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What’s on the Horizon for Sensormatic?

With Sensormatic for eight years and based in metro Chicago, Dan Mahoney was promoted to his current position as vice president and general manager during the height of the pandemic. He oversaw the streamlining of the three business areas (Inventory Intelligence, Loss Prevention, and Shopper Journey) and the convergence of those units to focus on leveraging data. Read on as LPM Vice President and Editor-in-Chief Stefanie Hoover gets to know Dan at NRF PROTECT 2023.

STEFANIE HOOVER: As we’re here at NRF PROTECT 2023, I’m sure you’re enjoying meeting with customers one-on-one and hearing what’s happening direct from the source. Can you share with us any common themes from your conversations?

DAN MAHONEY: We’ve been hearing loud and clear that safety is at the top of everyone’s mind. Every retailer is struggling with keeping store associates and shoppers safe. This is a problem that hasn’t been experienced at this level before and it’s causing retailers to search for new solutions and solution providers to step up to the plate and innovate.

We’re also having many conversations about digitization; it’s no longer aspirational, stores are getting smarter and loss prevention teams are getting a seat at the data table to solve their problems as well. LP/AP practitioners we’ve talked with are in tune with the “customer experience” and are savvy about needing to find ways they can lower friction for the green customer and increase friction for the red actors.

HOOVER: Can you give me an example of technology Sensormatic has or is working on that can help with this friction problem?

MAHONEY: Absolutely. A great example of friction that went the wrong way is self-checkout. Initially, retailers thought this would be a great way to reduce friction on the customer journey, but unfortunately customers found it difficult to navigate and fraudsters found it easy to take advantage. That’s why we are teaming up with Zliide, which is a simple handheld device that easily allows the good customers to check out themselves through a digital platform and without the need to download an app.

Smart exits are another game changing technology; why not use the data that already exists? Collecting data on items purchased and monitoring for fraudulent returns is a natural next step in using the data that’s out there.

It is apparent that retailers are more open today than ever before—I’d say we’re at an inflection point—in regard to RFID. Over the last twenty-plus years, RFID has been seen as cost prohibitive, but the market has matured and now shrink has risen, so this has accelerated the need for retailers to be open to trying the technology.

Another technology that we’ve heard a lot about at NRF PROTECT is computer vision or video intelligence. This technology has improved tremendously, even over just the last three years. Our system can work with legacy systems on IP video. And then tying all these together—smart exits, computer vision, self-checkout—that’s the real game changer.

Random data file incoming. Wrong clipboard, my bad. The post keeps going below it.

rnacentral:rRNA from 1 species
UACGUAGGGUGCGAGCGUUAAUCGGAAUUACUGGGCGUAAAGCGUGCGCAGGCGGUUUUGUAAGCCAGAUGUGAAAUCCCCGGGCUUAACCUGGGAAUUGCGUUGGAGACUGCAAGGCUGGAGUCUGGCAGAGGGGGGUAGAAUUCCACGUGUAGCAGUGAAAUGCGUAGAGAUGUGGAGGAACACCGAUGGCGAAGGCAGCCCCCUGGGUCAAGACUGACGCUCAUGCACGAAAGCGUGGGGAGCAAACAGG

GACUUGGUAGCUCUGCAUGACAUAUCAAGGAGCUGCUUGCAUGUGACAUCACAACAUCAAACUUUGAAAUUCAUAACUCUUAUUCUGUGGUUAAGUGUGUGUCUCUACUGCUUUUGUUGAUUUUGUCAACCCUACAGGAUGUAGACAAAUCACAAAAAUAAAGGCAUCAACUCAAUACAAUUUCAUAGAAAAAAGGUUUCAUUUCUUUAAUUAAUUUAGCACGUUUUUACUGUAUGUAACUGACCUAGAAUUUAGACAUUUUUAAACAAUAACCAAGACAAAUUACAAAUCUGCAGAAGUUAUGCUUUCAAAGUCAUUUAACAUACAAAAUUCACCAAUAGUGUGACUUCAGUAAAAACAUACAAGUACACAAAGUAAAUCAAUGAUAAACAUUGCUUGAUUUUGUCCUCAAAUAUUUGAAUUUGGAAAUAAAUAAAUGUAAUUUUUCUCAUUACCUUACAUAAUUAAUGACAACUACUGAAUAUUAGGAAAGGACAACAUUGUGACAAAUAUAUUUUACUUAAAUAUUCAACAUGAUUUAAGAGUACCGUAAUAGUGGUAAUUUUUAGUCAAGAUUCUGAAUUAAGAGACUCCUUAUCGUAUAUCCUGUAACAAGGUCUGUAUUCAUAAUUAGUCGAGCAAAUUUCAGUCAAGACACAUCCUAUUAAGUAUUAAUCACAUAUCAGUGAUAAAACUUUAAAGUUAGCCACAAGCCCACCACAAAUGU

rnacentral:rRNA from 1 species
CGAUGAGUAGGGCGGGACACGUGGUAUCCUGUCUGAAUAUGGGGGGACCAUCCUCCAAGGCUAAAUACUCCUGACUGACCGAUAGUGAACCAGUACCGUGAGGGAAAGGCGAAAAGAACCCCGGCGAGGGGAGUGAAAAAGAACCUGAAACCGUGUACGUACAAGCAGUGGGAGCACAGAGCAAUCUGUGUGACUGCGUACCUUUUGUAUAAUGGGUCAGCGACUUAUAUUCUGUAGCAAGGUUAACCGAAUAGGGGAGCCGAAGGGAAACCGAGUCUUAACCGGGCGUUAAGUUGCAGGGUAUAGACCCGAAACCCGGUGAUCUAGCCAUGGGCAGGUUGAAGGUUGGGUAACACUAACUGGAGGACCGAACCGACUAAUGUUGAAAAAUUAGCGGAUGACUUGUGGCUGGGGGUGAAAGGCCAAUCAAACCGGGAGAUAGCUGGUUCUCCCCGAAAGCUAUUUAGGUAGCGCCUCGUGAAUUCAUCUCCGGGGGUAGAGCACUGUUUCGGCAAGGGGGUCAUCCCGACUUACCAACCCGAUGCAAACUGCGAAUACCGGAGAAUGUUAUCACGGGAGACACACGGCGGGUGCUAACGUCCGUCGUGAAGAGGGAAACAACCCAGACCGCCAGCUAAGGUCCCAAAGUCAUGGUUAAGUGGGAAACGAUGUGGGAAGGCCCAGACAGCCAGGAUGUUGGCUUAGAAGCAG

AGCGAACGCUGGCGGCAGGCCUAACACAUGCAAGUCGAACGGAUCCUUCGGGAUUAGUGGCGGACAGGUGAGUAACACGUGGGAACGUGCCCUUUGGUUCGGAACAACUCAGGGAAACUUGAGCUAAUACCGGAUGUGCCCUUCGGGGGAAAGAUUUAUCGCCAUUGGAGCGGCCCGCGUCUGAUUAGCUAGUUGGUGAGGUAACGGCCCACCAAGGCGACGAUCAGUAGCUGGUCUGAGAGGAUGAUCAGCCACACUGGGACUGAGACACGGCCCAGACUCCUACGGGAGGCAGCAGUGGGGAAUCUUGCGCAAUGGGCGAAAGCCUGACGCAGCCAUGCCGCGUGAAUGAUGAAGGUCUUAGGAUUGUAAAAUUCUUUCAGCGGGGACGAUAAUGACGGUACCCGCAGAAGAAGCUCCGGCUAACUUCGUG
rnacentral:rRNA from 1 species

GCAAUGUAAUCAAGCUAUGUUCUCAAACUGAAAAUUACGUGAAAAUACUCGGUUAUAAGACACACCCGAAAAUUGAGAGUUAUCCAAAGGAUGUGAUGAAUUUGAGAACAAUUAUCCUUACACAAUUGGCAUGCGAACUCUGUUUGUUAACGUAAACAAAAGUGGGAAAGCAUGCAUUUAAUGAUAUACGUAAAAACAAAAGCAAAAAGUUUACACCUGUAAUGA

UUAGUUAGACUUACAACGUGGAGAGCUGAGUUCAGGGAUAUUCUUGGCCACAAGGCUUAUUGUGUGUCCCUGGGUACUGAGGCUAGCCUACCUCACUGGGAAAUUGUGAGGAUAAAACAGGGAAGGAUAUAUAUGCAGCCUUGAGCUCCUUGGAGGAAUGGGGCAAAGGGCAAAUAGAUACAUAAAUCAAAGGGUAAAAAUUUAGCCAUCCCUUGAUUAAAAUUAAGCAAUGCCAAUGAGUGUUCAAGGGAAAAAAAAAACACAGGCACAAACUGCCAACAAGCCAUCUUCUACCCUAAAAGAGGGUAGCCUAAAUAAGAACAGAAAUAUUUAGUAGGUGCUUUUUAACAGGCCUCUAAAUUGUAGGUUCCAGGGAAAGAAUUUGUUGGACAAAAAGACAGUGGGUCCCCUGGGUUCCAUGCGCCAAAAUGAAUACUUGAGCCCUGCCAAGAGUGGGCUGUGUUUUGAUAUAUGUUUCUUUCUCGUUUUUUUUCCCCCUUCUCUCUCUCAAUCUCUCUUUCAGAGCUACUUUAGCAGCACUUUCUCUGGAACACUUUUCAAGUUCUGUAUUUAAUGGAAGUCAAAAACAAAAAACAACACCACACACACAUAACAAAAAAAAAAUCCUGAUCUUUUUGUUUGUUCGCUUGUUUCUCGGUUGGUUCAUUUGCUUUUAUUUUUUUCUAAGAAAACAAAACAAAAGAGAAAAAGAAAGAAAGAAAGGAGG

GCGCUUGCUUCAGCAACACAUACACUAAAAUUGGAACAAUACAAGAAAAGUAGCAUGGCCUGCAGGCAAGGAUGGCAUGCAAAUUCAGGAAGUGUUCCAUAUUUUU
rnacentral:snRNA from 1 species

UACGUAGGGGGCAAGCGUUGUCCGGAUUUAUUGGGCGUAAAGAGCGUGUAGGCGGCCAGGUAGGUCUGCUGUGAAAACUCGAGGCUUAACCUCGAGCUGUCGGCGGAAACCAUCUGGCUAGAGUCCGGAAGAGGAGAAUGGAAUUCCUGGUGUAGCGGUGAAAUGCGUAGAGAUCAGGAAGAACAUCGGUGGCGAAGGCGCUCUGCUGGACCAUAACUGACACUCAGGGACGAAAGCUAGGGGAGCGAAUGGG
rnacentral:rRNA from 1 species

HOOVER: It seems that several new companies have popped up in the AI and computer vision space, many represented at this show. Can you talk about what sets Sensormatic apart from those folks and other solution providers in general?

MAHONEY: It’s really three areas. First is our ability to scale—we have a global presence and when a company needs to roll out a thousand stores in a year, we have the resources to do that. Second is our innovative history. We have fifty years on the books of helping customers and collaborating with them to come up with solutions together. We develop a deep understanding of our customers’ needs and are careful not to oversell. Last is our expertise and our people. We have team members with a long tenure who know how to properly execute.

HOOVER: It sounds like you have thoughtful conversations with your customers; what are you hearing from them about the newest epidemic, ORC?

MAHONEY: It’s in the paper every day now—in fact we were just discussing the latest legislation in California, which restricts interaction with the shoplifters as they leave.

HOOVER: I saw that as well—the constant changes are hard to follow, and retailers are wondering what to do.

MAHONEY: There’s that, and of course, it comes back to the safety element that I mentioned earlier. These things are causing retailers to explore new tactics and look at ways to leverage existing technology.

We’ve hosted a group of around twenty-five retailers for several years on our Retail Performance Council. There is much more talk of retailers banding together and collaborating. There’s talk about the holy grail of a database where retailers can safely share information. They’re trying to find ways to identify the ORC groups earlier, before the theft, and then how to share the data with other retailers. We’re all fighting the same battle. License plate recognition and geofencing are all on the table as the increase in ORC pushes for new solutions. It’s been heartening to hear the collaboration and determination coming from the council.

HOOVER: Is there any advice that you would offer to LP practitioners out there in the thick of it?

MAHONEY: I believe that LP/AP folks are living through some of the most challenging times on record. Burnout is real! Take time for self-care, whatever that looks like for you. And second, continue to collaborate and build on the momentum that is building. Truly great things are happening because retailers are willing to work together more than ever before.

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